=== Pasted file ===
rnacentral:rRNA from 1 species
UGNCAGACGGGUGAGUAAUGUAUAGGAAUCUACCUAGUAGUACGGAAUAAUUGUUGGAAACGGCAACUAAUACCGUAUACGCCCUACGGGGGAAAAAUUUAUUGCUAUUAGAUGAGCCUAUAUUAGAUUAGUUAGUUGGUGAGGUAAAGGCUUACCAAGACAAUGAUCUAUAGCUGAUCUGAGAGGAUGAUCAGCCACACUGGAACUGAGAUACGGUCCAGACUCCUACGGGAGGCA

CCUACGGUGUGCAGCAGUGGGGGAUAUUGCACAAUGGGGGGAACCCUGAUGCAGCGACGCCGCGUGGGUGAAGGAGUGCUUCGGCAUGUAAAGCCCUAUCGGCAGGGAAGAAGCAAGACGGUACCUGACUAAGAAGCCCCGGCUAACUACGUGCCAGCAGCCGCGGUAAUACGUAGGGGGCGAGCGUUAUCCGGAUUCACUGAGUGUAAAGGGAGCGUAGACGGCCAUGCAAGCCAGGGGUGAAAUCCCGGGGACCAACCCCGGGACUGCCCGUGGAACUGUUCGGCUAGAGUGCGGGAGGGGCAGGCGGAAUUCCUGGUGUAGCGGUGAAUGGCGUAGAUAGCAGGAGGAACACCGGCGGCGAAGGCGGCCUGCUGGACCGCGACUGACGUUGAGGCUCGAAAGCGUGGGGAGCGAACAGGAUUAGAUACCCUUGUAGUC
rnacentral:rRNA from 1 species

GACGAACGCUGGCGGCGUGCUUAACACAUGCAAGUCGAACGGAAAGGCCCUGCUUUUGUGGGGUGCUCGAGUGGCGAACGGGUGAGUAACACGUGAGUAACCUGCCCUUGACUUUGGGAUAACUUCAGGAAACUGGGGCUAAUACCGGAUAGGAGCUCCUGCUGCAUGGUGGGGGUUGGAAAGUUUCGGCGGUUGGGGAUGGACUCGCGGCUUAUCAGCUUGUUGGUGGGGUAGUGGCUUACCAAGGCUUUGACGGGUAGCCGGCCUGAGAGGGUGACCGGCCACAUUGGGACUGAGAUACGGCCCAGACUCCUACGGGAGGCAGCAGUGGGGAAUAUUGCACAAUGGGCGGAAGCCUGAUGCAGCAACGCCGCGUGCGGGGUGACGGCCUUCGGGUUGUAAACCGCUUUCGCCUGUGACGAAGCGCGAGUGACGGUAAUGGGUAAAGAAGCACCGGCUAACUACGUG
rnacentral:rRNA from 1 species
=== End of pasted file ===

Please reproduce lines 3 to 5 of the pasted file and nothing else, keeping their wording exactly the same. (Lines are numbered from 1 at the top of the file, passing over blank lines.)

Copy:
CCUACGGUGUGCAGCAGUGGGGGAUAUUGCACAAUGGGGGGAACCCUGAUGCAGCGACGCCGCGUGGGUGAAGGAGUGCUUCGGCAUGUAAAGCCCUAUCGGCAGGGAAGAAGCAAGACGGUACCUGACUAAGAAGCCCCGGCUAACUACGUGCCAGCAGCCGCGGUAAUACGUAGGGGGCGAGCGUUAUCCGGAUUCACUGAGUGUAAAGGGAGCGUAGACGGCCAUGCAAGCCAGGGGUGAAAUCCCGGGGACCAACCCCGGGACUGCCCGUGGAACUGUUCGGCUAGAGUGCGGGAGGGGCAGGCGGAAUUCCUGGUGUAGCGGUGAAUGGCGUAGAUAGCAGGAGGAACACCGGCGGCGAAGGCGGCCUGCUGGACCGCGACUGACGUUGAGGCUCGAAAGCGUGGGGAGCGAACAGGAUUAGAUACCCUUGUAGUC
rnacentral:rRNA from 1 species

GACGAACGCUGGCGGCGUGCUUAACACAUGCAAGUCGAACGGAAAGGCCCUGCUUUUGUGGGGUGCUCGAGUGGCGAACGGGUGAGUAACACGUGAGUAACCUGCCCUUGACUUUGGGAUAACUUCAGGAAACUGGGGCUAAUACCGGAUAGGAGCUCCUGCUGCAUGGUGGGGGUUGGAAAGUUUCGGCGGUUGGGGAUGGACUCGCGGCUUAUCAGCUUGUUGGUGGGGUAGUGGCUUACCAAGGCUUUGACGGGUAGCCGGCCUGAGAGGGUGACCGGCCACAUUGGGACUGAGAUACGGCCCAGACUCCUACGGGAGGCAGCAGUGGGGAAUAUUGCACAAUGGGCGGAAGCCUGAUGCAGCAACGCCGCGUGCGGGGUGACGGCCUUCGGGUUGUAAACCGCUUUCGCCUGUGACGAAGCGCGAGUGACGGUAAUGGGUAAAGAAGCACCGGCUAACUACGUG